Demonstrating the Murphy Administration’s commitment to addressing climate change, the Department of Environmental Protection is requesting that higher-education institutions share climate and sea-level rise research and data that will help the state as it moves forward with strengthening New Jersey’s global warming response and resilience strategies.
“We are very fortunate to have distinguished colleges and universities that have been actively researching and collecting data on climate change and sea-level rise, looking not only at environmental impacts but on how this is affecting our communities and the economy,” said Commissioner Catherine R. McCabe. “Much of this research has been focused on New Jersey and will prove invaluable as we develop a comprehensive and coordinated strategy for addressing climate change and making the state more resilient to storms and flooding.”
The storehouse of research amassed by academic institutions can help the DEP affirm or modify existing efforts and/or initiate new programs.
The DEP has made responding to climate change one of its key priorities, establishing three overarching goals to drive strategy and policy development:
- Engaging in a robust public dialogue about the impacts of climate change;
- Reducing greenhouse gas emissions to achieve the state’s clean energy goals and the 2050 greenhouse gas limits established by the New Jersey Global Warming Response Act;
- Making coastal and other flood-prone areas more resilient to better protect lives, property, infrastructure and ecosystems.
It is important to note that the DEP is not requesting academic institutions to launch new research projects. Rather, this is an opportunity for the DEP to inventory existing research and spur dialogue and research-sharing with higher-education institutions.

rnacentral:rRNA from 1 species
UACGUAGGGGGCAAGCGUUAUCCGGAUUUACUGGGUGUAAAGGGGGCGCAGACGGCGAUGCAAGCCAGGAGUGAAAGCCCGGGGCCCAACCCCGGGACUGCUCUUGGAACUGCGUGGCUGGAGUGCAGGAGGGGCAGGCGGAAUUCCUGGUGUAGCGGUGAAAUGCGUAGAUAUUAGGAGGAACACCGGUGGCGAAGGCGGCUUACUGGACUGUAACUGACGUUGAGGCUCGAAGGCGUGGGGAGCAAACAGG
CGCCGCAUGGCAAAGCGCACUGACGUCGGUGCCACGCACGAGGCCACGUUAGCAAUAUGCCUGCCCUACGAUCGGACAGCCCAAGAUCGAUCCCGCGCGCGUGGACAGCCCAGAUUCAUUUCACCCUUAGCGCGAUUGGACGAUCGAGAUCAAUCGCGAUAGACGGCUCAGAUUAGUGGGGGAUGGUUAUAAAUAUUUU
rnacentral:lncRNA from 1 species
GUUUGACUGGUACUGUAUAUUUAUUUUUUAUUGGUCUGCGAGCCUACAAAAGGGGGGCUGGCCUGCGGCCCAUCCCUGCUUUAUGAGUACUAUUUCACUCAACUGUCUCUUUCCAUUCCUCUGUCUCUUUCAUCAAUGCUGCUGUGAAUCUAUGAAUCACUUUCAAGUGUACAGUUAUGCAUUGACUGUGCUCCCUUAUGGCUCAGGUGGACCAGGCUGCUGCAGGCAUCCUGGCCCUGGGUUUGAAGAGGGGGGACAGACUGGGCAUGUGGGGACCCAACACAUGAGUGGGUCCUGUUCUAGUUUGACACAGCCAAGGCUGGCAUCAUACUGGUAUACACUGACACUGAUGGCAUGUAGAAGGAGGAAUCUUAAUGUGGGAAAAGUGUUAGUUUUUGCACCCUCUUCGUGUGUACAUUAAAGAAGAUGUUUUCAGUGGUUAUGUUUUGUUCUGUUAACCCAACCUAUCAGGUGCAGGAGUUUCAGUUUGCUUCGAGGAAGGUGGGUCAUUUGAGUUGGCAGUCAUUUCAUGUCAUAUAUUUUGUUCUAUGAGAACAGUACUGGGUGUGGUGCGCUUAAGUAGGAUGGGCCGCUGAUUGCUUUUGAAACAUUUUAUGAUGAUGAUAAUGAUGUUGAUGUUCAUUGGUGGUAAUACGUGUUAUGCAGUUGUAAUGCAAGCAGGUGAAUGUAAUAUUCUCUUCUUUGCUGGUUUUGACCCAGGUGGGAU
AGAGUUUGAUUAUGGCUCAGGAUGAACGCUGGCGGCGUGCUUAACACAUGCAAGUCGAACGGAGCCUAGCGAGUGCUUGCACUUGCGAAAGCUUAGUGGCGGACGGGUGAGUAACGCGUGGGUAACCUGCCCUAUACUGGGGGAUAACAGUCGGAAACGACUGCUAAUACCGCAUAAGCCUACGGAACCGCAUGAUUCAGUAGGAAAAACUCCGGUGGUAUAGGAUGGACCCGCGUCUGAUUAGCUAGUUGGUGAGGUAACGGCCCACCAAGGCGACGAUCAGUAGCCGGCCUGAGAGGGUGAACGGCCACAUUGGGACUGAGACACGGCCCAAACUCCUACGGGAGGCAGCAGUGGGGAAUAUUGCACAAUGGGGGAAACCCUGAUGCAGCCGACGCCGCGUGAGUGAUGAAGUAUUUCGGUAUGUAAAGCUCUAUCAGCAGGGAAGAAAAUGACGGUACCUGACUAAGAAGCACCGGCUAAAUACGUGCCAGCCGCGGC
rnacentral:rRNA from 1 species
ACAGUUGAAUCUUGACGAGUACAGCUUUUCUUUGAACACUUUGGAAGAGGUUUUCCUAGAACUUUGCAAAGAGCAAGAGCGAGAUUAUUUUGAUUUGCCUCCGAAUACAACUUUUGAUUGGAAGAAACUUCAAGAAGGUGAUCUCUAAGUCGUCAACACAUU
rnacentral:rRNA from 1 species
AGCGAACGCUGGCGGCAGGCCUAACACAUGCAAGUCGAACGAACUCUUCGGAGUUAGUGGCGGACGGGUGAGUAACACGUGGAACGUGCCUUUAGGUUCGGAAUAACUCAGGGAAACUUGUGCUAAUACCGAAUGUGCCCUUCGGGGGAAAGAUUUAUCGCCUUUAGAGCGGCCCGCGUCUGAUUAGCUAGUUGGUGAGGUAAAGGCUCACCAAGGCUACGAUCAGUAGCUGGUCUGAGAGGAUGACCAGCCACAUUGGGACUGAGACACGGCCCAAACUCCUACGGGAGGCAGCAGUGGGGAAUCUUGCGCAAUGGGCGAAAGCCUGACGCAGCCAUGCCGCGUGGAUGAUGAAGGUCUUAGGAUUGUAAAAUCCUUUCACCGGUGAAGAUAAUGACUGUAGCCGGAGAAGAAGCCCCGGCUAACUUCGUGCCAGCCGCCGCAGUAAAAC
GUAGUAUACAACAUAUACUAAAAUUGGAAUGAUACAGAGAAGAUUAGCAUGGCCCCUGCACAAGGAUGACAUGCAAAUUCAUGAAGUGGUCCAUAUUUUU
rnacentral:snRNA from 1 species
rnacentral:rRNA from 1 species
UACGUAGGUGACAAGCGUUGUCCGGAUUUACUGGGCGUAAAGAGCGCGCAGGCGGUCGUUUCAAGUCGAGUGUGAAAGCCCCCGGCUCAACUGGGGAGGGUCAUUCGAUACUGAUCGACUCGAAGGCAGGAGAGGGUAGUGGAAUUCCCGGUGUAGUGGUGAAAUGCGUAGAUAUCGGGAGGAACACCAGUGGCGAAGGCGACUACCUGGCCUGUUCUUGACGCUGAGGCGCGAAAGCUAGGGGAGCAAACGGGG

New Jersey’s higher education institutions are asked to submit research either completed within the last five years or due to be completed by the end of this year related to climate mitigation and adaptation/resiliency. Research should be shared no later than Sept. 30. For more details on the kinds of research the DEP is looking for and how to submit, visit www.nj.gov/dep/climatechange/njclimatedataask.html
New Jersey is particularly vulnerable to effects of climate change, such as flooding and severe storms, due to its low-lying topography and geology that includes land areas that are naturally subsiding, or sinking, over time.
While scientists agree that global warming is largely attributable to human activities, projections regarding how much sea level will rise can vary greatly. Moreover, predictions can become even more difficult depending on how quickly and aggressively nations respond.
Governor Murphy takes the threat very seriously. Under his leadership, New Jersey has reentered the Regional Greenhouse Gas Initiative and joined the U.S. Climate Alliance, comprised of states committed to upholding the United Nations’ Paris Climate Accord.
The Administration is also committed to a future of clean energy, with a focus on reducing air emissions in environmental justice communities that have disproportionately suffered from air pollution.
As part of its efforts, the DEP recently formed a new Climate and Flood Resilience Program to implement a strategic vision to better prepare the state for the impacts of global warming.
For more information on climate change, including an explanation of the science behind global warming, key state initiatives, climate data, and steps residents and business can take to make a difference, visit www.nj.gov/dep/climatechange/